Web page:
Munn, and Baseball Coach Ray Fish-
er are in St. Louis this week, attend-
ing meetings of the nation's top ath-
letic officials, which began yesterday.
Among the organizations in ses-
sion are the National Collegiate Ath-
letic Association, the American Foot-
ball Coaches' Association, and the
American Association of College Base-
Crisler will attend the special meet-
ing of Big Ten representatives, which
Western Conference Commissioner K.
K. L. (Tug) Wilson called when he
learned that nine of the Conference's
athletic directors would 'be in St.
Louis this week.
Fisher, who is a vice-president of
the baseball coaches' group organized
last spring, will attend an executive
session of the organization, while
Munn, one of the representatives of
football teams in this district, will
give a report on the recent season.
Phis will be one of Munn's last offi-
cial acts for the University before he
leaves to take over duties as head
football coach at Syracuse March 1.
An unprecedented number of foot-
ball rule changes will come up for
consideration in the first post-war
session of the NCAA, including fresh-
hurdles in the Big Ten Indoor
Championships in Chicago.
A year later he took the individual
titles in both events with the sur-
prisingly good times of 8.9 seconds
for the 70 yard high hurdles and 8.1
second for the low hurdles.
In dual meet competition in Yost
Field House, Swanson has turned in
times just one-tenth of a second off
the records held by another Elmer,
Elmer Gedeon, of the 1938 and 1939
The question of a veteran return-
ing to pre war form has already been
answered affirmatively in several
other sports. Baseball has seen Hank
Greenberg, Virgil Trucks, Charlie
Keller'and others start in right where
they left off. But as many baseball
stars played everyday on service
teams it was merely a matter of
changing uniforms. In other cases
the men experienced difficulty.
But track is different. There is
no opportunity to keep in condi-
tion. The muscles called upon in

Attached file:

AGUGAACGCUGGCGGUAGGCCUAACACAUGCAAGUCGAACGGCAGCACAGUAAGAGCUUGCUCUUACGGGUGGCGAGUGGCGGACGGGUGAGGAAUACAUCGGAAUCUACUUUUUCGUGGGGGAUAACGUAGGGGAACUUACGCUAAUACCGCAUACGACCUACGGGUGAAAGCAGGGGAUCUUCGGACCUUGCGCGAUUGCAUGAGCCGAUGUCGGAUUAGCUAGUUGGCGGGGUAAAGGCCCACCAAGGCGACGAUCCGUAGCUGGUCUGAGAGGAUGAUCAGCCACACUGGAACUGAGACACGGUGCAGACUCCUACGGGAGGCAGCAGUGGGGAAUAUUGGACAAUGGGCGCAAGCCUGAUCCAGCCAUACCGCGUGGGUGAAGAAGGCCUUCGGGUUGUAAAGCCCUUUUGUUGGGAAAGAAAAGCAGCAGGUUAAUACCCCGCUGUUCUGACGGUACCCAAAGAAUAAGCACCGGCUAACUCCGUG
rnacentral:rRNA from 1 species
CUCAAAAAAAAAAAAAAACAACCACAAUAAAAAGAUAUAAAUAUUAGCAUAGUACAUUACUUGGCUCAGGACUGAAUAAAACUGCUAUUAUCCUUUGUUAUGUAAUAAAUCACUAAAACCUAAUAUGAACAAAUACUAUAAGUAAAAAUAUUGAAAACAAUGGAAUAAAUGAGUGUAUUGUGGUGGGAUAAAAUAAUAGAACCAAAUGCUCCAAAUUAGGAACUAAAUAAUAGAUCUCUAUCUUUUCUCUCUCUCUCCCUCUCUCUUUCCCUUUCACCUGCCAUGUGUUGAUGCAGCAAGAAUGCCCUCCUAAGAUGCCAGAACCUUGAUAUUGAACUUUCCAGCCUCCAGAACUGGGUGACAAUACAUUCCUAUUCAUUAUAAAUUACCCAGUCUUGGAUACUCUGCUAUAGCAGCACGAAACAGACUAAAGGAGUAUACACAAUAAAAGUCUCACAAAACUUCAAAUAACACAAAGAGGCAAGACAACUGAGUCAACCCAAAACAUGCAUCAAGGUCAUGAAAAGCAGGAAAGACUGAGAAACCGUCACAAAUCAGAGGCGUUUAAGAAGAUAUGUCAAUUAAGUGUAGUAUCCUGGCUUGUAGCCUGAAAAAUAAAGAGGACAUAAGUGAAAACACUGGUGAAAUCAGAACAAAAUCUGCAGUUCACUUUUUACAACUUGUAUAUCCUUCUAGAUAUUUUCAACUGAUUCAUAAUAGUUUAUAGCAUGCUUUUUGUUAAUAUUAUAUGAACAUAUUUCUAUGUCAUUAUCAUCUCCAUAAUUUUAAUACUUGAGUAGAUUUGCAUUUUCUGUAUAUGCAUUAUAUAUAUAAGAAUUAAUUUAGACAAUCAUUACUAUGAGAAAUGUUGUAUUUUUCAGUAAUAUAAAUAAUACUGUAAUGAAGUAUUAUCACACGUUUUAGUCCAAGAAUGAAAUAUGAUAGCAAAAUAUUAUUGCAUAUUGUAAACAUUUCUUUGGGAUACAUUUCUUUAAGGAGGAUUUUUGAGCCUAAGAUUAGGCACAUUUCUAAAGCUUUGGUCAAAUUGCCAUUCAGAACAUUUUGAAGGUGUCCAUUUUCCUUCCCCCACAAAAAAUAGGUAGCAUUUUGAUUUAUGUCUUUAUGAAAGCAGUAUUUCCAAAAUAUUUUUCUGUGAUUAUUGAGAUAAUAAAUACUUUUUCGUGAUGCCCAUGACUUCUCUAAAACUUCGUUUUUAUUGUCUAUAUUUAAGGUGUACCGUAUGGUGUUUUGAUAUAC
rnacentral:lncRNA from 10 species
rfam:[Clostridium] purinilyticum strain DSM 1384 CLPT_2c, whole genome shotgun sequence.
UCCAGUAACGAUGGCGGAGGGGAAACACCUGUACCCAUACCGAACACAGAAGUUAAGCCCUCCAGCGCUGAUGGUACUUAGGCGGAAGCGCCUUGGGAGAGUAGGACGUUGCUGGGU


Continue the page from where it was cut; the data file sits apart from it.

the sport are seldom used in ordi-
nary walking and running. The
question remains. Can Swanson
carry on where he left off.
In practice so far the hurdler has
shown up well. If he continues to im-
prove at the same rate as in the past
weeks we may see the Field House
records change hands from Elmer to
Elmer, Gedeon to Swanson.
MAC MILLAN.. 9
RENFREW .... 8
JACOBSON . 8
HILL ........ .1
ARNOT ......, 2
JOHNSON . ... 0
0 2 2
NEIL CELLEY - Eveleth, Minn.,
wingman who is one of the leading
nine assists. Altogether this line has
totaled 56 points, or an average of
eight per game.
Neil Celley, Walt Grant, and Wally
Gacek, the number one Michigan line,
trail with 37 points. Celley, who has
notched nine markers, leads this trio
with 17 points. Grant, who scored
four goals in the Sarnia game, ran
his season's total to eight and has
added four assists. Gacek has 10
In the seven games to date the Wol-
verines have tallied 52 goals and need
only 24 more to beat the all-time
high set in the 1936-37 season. The
Wolverines need seven more victories
to set another mark in the win col-
umn and eclipse the record of 13 es-
tablished in 1937-38.
Tomorrow the Wolverines will leave
for Colorado Springs to meet Colorado*
College in a two-game series on Fri-
Allen Rumsey "B" 29, Fletcher
Green "B" def. Tyler "B" (for-
Allen Rumsey "A" 33, Wenley
Fletcher "A" def. Baldwin "A"
Green House "A" 30, Lockwood 17
Hubbell Re-signs Contract
NEW YORK, Jan. 8---(P)-Carl
Hubbell, who pitched for the New
York Giants for 16 seasons and has
served as director of the club's farm
system for the past two years, has
signed a new five-year contract as
farm director, Secretary Eddie Ran-
nick said today.
day and Saturday. Colorado dropped
CLIFF KEEN will be holding an
intra-squad contest this weekend
to determine who will wrestle for
the Wolverines against Indiana.
fare during the campangn, as there
is no knowledge of the opposition
available. Kenn expressed that he
was pleased with the work of the
squad and the fine spirit shown to
date and stated that such work does
not stay unrewarded.
. s ' r; : .
/ L 3
Don't let your studies
get you down!
Navy Musical Comedy
I FRATERNITY "A"
S. A. E. ...................
B. T. P....................
D .K . E ....................
II FRATERNITY "A"
P. D. T....................
S. A. E................
P. G. D..................
A. T. O.................
III FRATERNITY "A"
P. S.D. ................
A. D. P....................
____ ___-OF JAZZ"-
AND HIS ?iOIt ORCHESTR.A
"Ohl- . . U *